Earth Imaging Journal: Remote Sensing, Satellite Images, Satellite Imagery
Breaking News
Aerojet Rocketdyne RS-25 Test Advances Exploration Efforts
STENNIS SPACE CENTER, Miss. - Today, NASA and Aerojet...
ULIS’ Thermal Activity Sensor Selected by Irlynx for Smart Buildings Projects
Veurey-Voroize, near Grenoble, France, January 17, 2018 – ULIS,...
4DGlobal to Provide Applanix Products and Solutions for Land and Air Survey Customers in Australia and New Zealand
BUNDOORA, AUSTRALIA & RICHMOND HILL, CANADA - Applanix, a Trimble...
NASA Calculated Heavy Rainfall Leading to California Mudslides
NASA recorded the amount of rainfall between Jan. 8-10,...
GEO Jobe Names David Hansen as Chief Operating Officer (COO)
NASHVILLE, Tenn. - GEO Jobe, Esri Business Partner and...

The BEESAT-4 picosatellite was installed in the BIROS fire-detection satellite by a staff member of TU Berlin before BIROS was launched into space on June 22, 2016. (Credit: DLR)

The BEESAT-4 picosatellite was installed in the BIROS fire-detection satellite by a staff member of TU Berlin before BIROS was launched into space on June 22, 2016. (Credit: DLR)

On Sept. 9, 2016, the Bi-Spectral Infrared Optical System (BIROS) fire-detection satellite, developed and built by the German Aerospace Center (DLR), released the Berlin Educational and Experimental Picosatellite (BEESAT-4) into space 515 kilometers above the Norwegian Svalbard archipelago. The 10-centimeter cubic satellite was developed and built by staff and students at the Technical University of Berlin (TU Berlin) and was supported by the DLR Space Administration with funds from the German Federal Ministry for Economic Affairs and Energy.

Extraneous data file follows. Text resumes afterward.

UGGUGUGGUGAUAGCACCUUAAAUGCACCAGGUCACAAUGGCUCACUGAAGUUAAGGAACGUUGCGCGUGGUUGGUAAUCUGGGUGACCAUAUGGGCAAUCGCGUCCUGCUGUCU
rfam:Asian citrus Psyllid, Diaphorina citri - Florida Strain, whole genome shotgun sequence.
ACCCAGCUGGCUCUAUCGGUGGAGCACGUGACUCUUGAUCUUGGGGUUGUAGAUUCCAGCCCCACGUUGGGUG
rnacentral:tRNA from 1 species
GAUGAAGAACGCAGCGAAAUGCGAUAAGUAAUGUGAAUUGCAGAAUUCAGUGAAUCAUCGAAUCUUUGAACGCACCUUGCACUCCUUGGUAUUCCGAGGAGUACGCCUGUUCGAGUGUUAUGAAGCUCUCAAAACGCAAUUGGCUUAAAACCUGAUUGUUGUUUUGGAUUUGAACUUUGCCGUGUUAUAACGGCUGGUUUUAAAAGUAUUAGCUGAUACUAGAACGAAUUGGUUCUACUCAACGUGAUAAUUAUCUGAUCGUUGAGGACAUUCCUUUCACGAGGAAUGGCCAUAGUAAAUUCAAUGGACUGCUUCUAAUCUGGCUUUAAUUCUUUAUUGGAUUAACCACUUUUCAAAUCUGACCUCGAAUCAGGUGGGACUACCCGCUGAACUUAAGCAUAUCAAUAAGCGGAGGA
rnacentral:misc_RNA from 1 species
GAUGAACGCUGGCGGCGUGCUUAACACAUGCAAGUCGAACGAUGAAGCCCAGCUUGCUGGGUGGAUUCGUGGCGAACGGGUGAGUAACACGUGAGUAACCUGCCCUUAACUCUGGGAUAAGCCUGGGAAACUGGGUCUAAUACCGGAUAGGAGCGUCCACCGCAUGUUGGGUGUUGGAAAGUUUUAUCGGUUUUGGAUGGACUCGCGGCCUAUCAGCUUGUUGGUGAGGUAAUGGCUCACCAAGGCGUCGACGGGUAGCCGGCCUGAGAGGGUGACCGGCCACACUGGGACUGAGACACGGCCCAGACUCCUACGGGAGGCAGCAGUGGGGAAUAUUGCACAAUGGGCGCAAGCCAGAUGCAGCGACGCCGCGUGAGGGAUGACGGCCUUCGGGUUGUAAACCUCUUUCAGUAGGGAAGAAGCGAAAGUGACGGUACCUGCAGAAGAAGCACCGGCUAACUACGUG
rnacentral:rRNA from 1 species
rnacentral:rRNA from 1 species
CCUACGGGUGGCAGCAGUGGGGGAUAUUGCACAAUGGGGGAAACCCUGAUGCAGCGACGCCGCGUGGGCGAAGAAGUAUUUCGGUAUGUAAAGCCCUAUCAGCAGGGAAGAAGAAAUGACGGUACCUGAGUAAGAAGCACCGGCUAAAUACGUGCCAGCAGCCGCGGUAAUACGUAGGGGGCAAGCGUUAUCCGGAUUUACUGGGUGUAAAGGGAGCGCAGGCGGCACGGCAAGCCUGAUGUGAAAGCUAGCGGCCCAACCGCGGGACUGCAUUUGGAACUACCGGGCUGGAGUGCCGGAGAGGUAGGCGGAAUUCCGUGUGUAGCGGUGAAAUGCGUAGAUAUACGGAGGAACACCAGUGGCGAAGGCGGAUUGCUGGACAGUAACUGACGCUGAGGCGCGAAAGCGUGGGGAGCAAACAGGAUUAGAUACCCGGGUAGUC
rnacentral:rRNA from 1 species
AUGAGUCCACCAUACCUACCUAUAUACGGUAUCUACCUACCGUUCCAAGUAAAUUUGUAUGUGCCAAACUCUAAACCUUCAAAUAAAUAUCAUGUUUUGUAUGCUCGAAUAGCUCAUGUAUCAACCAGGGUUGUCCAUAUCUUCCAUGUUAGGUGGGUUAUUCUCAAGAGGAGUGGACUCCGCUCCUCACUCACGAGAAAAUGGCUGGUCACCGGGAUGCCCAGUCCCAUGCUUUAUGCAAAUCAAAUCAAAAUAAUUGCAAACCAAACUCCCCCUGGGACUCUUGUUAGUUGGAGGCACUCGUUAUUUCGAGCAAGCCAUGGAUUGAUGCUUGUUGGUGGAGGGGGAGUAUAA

BEESAT-4 should now be able to use its onboard Phoenix GPS receiver to gather precise position and orbit-determination information as well as take photographs and individual images of Earth’s surface with a special camera to confirm its position.

“Precise knowledge of the position of the picosatellite is a prerequisite for formation flights for multiple satellites,” explained Sascha Weiss, the BEESAT-4 project leader at TU Berlin. “Multiple satellites enable longer overflight times over ground stations for the transmission of telemetry and payload data. In addition, regions of interest can be flown over multiple times."

The BEESAT-4 mission builds on the knowledge and experience of previous BEESAT missions. Most of the work isn’t spent on satellite construction, but on developing the complex software.

“With the development and operation of BEESAT-4, we have been able to reinforce the practical aspects of student training at TU Berlin’s Institute of Aerospace,” explained Weiss. “Numerous undergraduates have completed their theses within the scope of the mission.”

Comments are closed.